A.M. Rosenthal, a brilliant, demanding editor who lifted The New York Times from economic doldrums in the 1970s and molded it into a journalistic juggernaut known for distinguished reporting of national and world affairs, died Wednesday at age 84.
He died of complications from a stroke he suffered two weeks ago, the Times said.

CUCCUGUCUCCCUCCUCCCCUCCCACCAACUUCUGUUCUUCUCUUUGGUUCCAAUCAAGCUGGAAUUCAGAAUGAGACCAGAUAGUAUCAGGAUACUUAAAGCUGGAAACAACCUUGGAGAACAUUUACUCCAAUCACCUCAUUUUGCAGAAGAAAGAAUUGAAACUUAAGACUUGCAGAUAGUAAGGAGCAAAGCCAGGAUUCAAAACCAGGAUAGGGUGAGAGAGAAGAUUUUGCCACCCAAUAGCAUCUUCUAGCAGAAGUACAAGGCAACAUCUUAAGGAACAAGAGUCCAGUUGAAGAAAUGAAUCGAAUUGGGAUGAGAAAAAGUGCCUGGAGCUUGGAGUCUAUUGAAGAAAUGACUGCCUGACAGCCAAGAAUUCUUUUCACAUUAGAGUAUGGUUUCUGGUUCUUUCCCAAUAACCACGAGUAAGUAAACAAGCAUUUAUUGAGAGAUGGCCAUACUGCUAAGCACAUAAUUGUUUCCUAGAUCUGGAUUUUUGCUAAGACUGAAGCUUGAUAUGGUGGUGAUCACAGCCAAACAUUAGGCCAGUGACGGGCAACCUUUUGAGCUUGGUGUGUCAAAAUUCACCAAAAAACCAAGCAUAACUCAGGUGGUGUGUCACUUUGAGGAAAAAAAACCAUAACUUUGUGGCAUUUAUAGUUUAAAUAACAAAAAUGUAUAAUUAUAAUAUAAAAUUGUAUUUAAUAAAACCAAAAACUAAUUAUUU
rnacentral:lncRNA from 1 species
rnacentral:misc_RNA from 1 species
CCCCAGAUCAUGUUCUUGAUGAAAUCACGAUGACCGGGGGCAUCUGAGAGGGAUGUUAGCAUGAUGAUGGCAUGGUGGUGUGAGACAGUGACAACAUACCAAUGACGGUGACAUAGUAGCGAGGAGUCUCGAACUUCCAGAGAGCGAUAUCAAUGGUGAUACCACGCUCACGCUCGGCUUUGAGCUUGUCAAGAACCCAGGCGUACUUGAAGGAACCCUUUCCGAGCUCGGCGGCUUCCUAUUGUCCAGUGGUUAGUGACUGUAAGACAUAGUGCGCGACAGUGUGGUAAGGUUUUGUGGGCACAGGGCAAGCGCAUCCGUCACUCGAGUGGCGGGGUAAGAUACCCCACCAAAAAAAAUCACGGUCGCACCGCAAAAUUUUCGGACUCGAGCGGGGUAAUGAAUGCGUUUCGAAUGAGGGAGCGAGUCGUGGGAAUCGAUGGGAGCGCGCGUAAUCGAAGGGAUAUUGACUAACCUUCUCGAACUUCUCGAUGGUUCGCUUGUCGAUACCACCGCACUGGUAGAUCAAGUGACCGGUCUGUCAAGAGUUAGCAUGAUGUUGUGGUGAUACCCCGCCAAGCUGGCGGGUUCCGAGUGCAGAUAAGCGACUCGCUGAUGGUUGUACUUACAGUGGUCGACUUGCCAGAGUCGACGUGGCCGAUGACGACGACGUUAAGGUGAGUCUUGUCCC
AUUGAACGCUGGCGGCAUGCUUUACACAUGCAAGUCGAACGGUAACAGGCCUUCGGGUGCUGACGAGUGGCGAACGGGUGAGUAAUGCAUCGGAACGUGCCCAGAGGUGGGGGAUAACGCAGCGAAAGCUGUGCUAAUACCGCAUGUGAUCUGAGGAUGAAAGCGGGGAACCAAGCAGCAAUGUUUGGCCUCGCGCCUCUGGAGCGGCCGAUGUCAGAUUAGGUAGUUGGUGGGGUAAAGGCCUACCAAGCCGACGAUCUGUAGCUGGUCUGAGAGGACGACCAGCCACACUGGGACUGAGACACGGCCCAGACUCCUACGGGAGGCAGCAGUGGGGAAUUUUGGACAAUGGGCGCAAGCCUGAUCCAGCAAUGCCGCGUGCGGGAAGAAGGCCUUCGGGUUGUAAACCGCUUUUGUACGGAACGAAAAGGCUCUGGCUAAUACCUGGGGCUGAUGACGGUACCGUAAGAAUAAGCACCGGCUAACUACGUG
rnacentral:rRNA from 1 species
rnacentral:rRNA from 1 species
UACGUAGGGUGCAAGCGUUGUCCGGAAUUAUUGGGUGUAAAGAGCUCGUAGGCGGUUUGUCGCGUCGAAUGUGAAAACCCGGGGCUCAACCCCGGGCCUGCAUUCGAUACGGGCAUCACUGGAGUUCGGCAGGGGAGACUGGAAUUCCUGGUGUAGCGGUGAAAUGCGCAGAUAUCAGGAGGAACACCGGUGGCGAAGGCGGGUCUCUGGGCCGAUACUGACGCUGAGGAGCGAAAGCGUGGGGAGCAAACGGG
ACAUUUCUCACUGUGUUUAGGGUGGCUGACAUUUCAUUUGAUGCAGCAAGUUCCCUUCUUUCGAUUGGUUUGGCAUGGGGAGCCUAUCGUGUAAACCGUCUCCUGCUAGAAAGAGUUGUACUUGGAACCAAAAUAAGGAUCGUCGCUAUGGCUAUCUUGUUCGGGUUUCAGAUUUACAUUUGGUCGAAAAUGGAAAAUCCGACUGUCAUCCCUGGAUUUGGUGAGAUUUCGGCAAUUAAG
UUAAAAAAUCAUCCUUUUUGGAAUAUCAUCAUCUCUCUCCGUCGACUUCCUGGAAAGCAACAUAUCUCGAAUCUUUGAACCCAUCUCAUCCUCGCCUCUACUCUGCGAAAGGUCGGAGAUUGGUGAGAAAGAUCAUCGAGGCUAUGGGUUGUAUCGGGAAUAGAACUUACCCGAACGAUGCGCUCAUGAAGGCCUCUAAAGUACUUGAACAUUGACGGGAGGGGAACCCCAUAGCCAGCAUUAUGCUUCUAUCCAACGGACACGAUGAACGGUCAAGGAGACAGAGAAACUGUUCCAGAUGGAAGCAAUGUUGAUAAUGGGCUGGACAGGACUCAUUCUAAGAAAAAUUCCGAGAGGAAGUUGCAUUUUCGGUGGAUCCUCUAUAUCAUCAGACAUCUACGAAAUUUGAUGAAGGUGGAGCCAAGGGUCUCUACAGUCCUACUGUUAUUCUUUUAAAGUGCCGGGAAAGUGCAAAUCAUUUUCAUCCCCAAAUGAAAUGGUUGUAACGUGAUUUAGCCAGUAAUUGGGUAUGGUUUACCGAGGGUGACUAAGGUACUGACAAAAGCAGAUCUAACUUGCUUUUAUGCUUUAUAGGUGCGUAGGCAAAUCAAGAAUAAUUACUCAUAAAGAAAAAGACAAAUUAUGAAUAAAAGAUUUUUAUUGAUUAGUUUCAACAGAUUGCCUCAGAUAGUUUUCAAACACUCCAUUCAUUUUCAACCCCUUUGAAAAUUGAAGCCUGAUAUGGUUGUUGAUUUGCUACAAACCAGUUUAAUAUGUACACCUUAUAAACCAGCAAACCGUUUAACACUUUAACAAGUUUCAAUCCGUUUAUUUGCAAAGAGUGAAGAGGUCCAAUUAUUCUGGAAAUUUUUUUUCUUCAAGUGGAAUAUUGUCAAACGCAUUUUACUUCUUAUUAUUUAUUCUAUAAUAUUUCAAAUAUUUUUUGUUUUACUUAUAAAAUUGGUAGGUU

Rosenthal, known as Abe, spent virtually all of his working life at the Times, beginning as a lowly campus stringer in 1943. He rose to police reporter, foreign correspondent, managing editor and finally to the exalted office of executive editor, a post he held for nine years beginning in 1977.
"Abe was a giant among journalists," retired Times publisher Arthur Ochs Sulzberger said in a statement. "He was a great editor with extraordinary loyalty to his troops."
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